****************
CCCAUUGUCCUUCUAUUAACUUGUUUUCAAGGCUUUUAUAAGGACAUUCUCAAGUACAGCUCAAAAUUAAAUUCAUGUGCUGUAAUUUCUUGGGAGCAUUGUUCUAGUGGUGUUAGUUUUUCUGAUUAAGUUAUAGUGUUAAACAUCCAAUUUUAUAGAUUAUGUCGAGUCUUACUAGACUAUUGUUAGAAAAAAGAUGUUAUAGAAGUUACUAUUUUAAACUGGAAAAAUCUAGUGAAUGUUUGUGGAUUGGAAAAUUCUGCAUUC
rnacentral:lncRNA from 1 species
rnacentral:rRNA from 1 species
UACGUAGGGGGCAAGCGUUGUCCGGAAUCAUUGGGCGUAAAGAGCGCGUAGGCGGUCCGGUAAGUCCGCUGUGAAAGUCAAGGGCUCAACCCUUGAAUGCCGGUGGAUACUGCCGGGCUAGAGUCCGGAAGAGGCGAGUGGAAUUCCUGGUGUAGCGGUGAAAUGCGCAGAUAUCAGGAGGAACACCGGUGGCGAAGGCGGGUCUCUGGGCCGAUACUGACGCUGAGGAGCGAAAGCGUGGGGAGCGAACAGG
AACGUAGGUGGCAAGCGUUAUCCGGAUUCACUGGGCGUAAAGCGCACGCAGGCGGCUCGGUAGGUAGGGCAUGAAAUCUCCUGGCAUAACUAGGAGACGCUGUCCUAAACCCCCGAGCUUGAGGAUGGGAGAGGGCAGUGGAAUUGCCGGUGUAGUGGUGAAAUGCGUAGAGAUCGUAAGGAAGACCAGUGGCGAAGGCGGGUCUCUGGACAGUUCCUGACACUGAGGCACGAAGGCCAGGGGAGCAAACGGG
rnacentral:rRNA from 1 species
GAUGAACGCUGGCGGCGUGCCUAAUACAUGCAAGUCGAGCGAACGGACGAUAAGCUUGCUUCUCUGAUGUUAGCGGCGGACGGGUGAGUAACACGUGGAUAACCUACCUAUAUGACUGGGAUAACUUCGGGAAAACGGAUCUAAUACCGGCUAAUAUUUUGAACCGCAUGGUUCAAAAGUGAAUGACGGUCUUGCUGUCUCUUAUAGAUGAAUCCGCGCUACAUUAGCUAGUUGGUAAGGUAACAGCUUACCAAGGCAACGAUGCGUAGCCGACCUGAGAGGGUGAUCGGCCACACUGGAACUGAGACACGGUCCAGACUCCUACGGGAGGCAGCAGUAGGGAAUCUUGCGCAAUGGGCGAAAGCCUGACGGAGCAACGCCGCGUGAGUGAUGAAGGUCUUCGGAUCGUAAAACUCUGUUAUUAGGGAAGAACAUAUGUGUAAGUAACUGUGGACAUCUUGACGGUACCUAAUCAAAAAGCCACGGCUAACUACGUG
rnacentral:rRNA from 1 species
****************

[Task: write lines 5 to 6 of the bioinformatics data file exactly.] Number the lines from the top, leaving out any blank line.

AACGUAGGUGGCAAGCGUUAUCCGGAUUCACUGGGCGUAAAGCGCACGCAGGCGGCUCGGUAGGUAGGGCAUGAAAUCUCCUGGCAUAACUAGGAGACGCUGUCCUAAACCCCCGAGCUUGAGGAUGGGAGAGGGCAGUGGAAUUGCCGGUGUAGUGGUGAAAUGCGUAGAGAUCGUAAGGAAGACCAGUGGCGAAGGCGGGUCUCUGGACAGUUCCUGACACUGAGGCACGAAGGCCAGGGGAGCAAACGGG
rnacentral:rRNA from 1 species